It can be difficult seeing a loved one lose it all and lay with limited strength. Well, this is the story of my dad. A smart, caring, humorous, fun and energetic person, he was everything you could ask for in a dad. I remember him being everyone’s go to person. From patiently ironing our school uniform to guiding and supporting us in every aspect of our lives, he was and is indeed the perfect dad.
How it all started
What started as a loss of smell and a minor tremor in one limb was soon diagnosed as Parkinson’s. I remember me and mother breaking down at the news. He, however, took the news very lightly and fought against everything to eat healthy and keep himself busy and fit. Things were never easy for him, from being bullied at work due to slowness and shuffling gait to losing friends due to impaired speech, he suffered silently.
The emotional battle
Things changed once he retired, having to spend more time at home played with his mind and constant hallucinations (drug-induced apparently) made him growingly anxious. Having being diagnosed for over 15 years, it seemed like he lost an ability every single year – once it was writing legibly then it was driving and so on. Things got difficult when he started having delusions and feared for his safety. He would often walk to people and tell he is under threat, someone has placed a chip in his brain, put a worm in his ear, be found sitting in the balcony fearing ‘GHOSTS’ in the house etc. It was an emotional battle for us as we delved in a constant state of helplessness against his growing suspicion of everyone at home.
My mother, a government employee with a successful career, on retirement, had to move to their house in Gurgaon. The change didn’t come easy. My dad apparently till date (it’s been 2 years since we moved here) believes he is held captive in an office and being asked to do chores. To the extent, he has run away from home on several occasions, only to be found telling strangers about his plight of being held captive by a family. With every consultation, his antipsychotics went up making him sleep the entire day and be active only for a few hours which we utilized to feed him or wash him up.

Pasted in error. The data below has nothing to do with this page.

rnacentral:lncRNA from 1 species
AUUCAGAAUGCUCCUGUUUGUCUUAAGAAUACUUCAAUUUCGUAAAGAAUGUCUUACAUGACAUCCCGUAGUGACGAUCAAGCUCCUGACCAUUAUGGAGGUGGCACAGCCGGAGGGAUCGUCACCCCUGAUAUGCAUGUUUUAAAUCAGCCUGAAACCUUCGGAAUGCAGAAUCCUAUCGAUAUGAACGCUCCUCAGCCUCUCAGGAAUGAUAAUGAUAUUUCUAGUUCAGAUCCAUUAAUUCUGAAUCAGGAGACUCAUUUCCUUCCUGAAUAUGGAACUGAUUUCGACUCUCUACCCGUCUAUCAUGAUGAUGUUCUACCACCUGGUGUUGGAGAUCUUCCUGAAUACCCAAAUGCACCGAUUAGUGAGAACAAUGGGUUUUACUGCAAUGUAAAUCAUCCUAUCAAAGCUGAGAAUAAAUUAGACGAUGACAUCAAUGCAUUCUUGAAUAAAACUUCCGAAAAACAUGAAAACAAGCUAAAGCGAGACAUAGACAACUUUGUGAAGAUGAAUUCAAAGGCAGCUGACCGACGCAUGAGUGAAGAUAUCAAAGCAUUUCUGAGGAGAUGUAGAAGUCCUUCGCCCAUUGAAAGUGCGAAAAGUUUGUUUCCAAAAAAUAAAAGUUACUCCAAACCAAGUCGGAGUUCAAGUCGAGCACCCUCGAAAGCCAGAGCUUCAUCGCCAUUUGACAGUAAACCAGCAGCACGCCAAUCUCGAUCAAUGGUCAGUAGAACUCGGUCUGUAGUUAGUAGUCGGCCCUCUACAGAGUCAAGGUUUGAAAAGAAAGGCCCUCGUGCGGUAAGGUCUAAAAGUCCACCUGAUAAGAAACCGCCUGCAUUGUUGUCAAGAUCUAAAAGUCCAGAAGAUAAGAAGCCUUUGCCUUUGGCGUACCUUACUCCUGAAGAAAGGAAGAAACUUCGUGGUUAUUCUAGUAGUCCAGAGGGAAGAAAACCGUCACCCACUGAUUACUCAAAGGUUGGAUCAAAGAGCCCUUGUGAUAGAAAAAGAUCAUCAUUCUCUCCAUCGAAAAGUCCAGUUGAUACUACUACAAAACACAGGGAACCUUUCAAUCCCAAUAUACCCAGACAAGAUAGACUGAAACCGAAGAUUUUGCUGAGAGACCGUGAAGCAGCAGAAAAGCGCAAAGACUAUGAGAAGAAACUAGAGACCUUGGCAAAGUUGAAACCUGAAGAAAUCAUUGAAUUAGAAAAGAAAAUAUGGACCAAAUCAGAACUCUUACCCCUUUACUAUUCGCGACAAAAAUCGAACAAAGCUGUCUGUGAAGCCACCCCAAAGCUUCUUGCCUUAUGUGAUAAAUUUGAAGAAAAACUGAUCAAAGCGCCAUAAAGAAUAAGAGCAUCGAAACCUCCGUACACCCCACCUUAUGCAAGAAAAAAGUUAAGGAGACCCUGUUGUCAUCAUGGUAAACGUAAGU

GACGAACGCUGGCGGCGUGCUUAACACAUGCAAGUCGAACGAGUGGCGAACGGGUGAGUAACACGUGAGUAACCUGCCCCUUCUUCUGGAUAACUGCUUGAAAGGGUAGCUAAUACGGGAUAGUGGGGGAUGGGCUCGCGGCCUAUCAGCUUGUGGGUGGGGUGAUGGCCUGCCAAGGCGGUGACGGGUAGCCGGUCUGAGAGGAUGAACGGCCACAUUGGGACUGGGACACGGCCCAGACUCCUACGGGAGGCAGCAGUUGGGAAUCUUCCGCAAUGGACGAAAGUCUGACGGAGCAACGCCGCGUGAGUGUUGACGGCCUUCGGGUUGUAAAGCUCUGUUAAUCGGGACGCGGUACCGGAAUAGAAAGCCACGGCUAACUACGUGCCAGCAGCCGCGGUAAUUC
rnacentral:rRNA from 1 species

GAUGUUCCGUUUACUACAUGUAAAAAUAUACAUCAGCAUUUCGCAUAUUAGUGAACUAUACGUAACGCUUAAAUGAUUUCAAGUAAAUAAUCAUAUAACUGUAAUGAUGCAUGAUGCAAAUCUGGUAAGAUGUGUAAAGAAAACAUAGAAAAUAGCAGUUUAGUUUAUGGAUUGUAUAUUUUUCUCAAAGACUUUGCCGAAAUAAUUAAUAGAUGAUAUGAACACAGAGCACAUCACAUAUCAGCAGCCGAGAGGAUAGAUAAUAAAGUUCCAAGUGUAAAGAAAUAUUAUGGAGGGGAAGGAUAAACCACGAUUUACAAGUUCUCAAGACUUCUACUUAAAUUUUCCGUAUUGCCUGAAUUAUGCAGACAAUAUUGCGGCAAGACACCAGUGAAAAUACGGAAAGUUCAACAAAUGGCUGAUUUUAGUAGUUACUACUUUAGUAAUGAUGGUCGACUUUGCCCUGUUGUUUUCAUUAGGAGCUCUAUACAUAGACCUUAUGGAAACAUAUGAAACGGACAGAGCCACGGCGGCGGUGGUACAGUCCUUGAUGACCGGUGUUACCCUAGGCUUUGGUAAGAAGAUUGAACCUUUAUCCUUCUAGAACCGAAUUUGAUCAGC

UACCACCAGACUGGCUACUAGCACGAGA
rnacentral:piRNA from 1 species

The pandemic situation
The pandemic made it all the more difficult to manage his situation and upped his antipsychotics to bind him at home. Given an ultimatum by the doctor on his condition, we decided on the deep brain stimulation last August. His psychosis by then was so bad that he held the doctor’s hand during the surgery and tried to attack a nurse who was administrating his dose of medicine. We, however, got the surgery done without any complications. His medicine dosage went from 8 tablets a day to 1/4th a day. We could and continue to see the withdrawal symptoms, even though he is still on antipsychotics.
His present state
Presently he is having incoherent speech, limited activity, weakness and is dependent on my mom for motion/bath etc. and severely constipated. Since speech is an issue now, we do not have a clear picture of what he experiences. From a person who used to manage his own medication and visit the doctor himself about 6 years ago to a person who is dependent on my mother for even changing sides on the bed, things have drastically taken ugly turns. We continue to lift each other’s spirit in the hope he would get better in a few months and we will see some ray of light.
With the surgery, even though his medicines have drastically gone down, we are far from seeing significant improvement.
With neurological disorders, every case is unique and finding answers on Google doesn’t come easy. If you have a similar experience or know someone who does, get in touch. Sometimes the caregivers need more care than the patients themselves. We will be happy to share our experience in detail with you, after all, that’s all we can do.